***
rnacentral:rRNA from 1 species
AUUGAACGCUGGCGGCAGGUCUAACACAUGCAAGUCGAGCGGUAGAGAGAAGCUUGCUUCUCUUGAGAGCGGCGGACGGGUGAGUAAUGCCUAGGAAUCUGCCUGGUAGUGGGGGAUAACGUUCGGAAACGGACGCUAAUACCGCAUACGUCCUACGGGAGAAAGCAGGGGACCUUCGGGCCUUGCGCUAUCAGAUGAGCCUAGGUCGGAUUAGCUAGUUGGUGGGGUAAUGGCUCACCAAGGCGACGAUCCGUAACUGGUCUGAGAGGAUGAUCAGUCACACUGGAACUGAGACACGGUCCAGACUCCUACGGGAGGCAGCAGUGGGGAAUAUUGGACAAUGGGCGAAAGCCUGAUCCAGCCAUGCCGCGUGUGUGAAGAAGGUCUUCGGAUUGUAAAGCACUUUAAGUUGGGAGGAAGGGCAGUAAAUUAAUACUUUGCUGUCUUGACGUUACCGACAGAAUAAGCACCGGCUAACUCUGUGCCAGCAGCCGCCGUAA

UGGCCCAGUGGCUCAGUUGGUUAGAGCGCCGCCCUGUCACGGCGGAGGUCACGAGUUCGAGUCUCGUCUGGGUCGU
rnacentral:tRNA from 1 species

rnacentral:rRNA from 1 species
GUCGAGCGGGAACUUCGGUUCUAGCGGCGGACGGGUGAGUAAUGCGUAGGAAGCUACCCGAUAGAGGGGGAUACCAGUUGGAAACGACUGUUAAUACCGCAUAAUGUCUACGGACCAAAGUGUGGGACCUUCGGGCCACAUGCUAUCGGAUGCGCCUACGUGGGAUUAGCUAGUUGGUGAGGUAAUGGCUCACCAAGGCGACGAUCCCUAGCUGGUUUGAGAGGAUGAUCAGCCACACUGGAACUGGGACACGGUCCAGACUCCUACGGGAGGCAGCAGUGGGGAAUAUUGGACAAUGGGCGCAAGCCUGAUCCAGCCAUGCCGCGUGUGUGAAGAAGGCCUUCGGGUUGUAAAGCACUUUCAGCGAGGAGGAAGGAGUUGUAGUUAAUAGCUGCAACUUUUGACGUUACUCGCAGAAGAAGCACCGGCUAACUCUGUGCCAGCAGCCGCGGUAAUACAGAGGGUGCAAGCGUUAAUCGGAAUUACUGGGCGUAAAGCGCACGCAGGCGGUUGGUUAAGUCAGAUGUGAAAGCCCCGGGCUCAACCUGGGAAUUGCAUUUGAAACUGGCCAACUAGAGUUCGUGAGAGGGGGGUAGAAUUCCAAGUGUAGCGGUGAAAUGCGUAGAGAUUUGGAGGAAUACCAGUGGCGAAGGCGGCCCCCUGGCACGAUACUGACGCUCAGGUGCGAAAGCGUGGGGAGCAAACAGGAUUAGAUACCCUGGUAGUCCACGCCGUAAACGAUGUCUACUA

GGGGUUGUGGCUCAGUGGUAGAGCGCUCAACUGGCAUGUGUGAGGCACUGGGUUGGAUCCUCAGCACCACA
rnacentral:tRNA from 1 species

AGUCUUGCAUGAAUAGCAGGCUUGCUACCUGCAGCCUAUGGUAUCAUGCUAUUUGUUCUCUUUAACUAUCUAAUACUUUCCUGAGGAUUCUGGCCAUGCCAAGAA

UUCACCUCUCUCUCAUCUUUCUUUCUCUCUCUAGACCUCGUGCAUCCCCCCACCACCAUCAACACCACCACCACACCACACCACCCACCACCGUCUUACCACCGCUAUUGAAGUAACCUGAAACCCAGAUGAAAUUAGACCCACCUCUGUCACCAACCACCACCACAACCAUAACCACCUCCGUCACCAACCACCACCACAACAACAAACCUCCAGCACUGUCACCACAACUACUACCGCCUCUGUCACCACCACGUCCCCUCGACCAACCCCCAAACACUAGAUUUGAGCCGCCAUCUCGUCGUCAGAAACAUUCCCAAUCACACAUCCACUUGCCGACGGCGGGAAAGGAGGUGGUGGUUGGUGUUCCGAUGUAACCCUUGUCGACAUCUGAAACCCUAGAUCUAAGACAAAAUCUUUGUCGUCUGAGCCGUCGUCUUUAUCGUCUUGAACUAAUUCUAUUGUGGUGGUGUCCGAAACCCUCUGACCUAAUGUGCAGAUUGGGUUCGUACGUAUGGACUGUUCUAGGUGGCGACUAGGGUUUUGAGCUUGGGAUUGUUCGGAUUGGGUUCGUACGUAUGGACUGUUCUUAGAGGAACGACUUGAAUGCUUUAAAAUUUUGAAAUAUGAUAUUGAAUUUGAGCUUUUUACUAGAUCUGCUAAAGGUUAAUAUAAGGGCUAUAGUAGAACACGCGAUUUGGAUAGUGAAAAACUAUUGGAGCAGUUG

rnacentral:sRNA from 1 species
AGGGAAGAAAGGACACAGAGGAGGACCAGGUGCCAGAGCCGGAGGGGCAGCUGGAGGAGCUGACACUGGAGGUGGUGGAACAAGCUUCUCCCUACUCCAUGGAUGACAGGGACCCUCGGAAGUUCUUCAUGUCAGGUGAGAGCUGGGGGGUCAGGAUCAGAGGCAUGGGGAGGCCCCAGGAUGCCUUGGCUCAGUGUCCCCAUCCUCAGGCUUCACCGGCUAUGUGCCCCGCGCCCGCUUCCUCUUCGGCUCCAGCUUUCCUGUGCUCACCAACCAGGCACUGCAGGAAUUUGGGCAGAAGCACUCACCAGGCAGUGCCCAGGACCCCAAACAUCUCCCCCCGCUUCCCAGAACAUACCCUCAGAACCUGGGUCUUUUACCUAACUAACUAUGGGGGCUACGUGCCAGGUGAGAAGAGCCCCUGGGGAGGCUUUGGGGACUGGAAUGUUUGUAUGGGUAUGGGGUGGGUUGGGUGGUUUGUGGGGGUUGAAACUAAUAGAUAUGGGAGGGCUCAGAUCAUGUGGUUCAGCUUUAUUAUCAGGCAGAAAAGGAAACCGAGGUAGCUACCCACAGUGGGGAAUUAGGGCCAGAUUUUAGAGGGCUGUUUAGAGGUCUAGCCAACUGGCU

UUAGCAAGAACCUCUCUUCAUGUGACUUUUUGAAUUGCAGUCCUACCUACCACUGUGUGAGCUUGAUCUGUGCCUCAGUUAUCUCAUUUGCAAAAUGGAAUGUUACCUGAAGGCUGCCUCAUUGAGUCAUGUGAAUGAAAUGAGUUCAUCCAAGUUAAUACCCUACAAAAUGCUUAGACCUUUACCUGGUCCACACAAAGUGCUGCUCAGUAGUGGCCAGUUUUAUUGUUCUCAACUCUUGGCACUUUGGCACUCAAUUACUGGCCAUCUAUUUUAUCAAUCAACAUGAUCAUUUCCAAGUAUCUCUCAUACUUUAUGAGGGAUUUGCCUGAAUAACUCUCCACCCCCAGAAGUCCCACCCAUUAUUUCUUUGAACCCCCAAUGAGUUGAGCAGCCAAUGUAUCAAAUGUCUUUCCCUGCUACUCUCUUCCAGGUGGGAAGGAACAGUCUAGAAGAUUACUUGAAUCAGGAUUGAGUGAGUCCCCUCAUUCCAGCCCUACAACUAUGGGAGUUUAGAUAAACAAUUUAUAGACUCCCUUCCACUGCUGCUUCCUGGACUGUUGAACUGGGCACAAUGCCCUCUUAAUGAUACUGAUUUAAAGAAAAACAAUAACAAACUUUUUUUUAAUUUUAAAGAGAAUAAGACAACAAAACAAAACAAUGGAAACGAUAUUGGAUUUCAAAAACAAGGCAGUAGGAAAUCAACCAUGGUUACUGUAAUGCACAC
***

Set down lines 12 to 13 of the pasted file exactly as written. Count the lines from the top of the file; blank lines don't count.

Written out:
AGGGAAGAAAGGACACAGAGGAGGACCAGGUGCCAGAGCCGGAGGGGCAGCUGGAGGAGCUGACACUGGAGGUGGUGGAACAAGCUUCUCCCUACUCCAUGGAUGACAGGGACCCUCGGAAGUUCUUCAUGUCAGGUGAGAGCUGGGGGGUCAGGAUCAGAGGCAUGGGGAGGCCCCAGGAUGCCUUGGCUCAGUGUCCCCAUCCUCAGGCUUCACCGGCUAUGUGCCCCGCGCCCGCUUCCUCUUCGGCUCCAGCUUUCCUGUGCUCACCAACCAGGCACUGCAGGAAUUUGGGCAGAAGCACUCACCAGGCAGUGCCCAGGACCCCAAACAUCUCCCCCCGCUUCCCAGAACAUACCCUCAGAACCUGGGUCUUUUACCUAACUAACUAUGGGGGCUACGUGCCAGGUGAGAAGAGCCCCUGGGGAGGCUUUGGGGACUGGAAUGUUUGUAUGGGUAUGGGGUGGGUUGGGUGGUUUGUGGGGGUUGAAACUAAUAGAUAUGGGAGGGCUCAGAUCAUGUGGUUCAGCUUUAUUAUCAGGCAGAAAAGGAAACCGAGGUAGCUACCCACAGUGGGGAAUUAGGGCCAGAUUUUAGAGGGCUGUUUAGAGGUCUAGCCAACUGGCU

UUAGCAAGAACCUCUCUUCAUGUGACUUUUUGAAUUGCAGUCCUACCUACCACUGUGUGAGCUUGAUCUGUGCCUCAGUUAUCUCAUUUGCAAAAUGGAAUGUUACCUGAAGGCUGCCUCAUUGAGUCAUGUGAAUGAAAUGAGUUCAUCCAAGUUAAUACCCUACAAAAUGCUUAGACCUUUACCUGGUCCACACAAAGUGCUGCUCAGUAGUGGCCAGUUUUAUUGUUCUCAACUCUUGGCACUUUGGCACUCAAUUACUGGCCAUCUAUUUUAUCAAUCAACAUGAUCAUUUCCAAGUAUCUCUCAUACUUUAUGAGGGAUUUGCCUGAAUAACUCUCCACCCCCAGAAGUCCCACCCAUUAUUUCUUUGAACCCCCAAUGAGUUGAGCAGCCAAUGUAUCAAAUGUCUUUCCCUGCUACUCUCUUCCAGGUGGGAAGGAACAGUCUAGAAGAUUACUUGAAUCAGGAUUGAGUGAGUCCCCUCAUUCCAGCCCUACAACUAUGGGAGUUUAGAUAAACAAUUUAUAGACUCCCUUCCACUGCUGCUUCCUGGACUGUUGAACUGGGCACAAUGCCCUCUUAAUGAUACUGAUUUAAAGAAAAACAAUAACAAACUUUUUUUUAAUUUUAAAGAGAAUAAGACAACAAAACAAAACAAUGGAAACGAUAUUGGAUUUCAAAAACAAGGCAGUAGGAAAUCAACCAUGGUUACUGUAAUGCACAC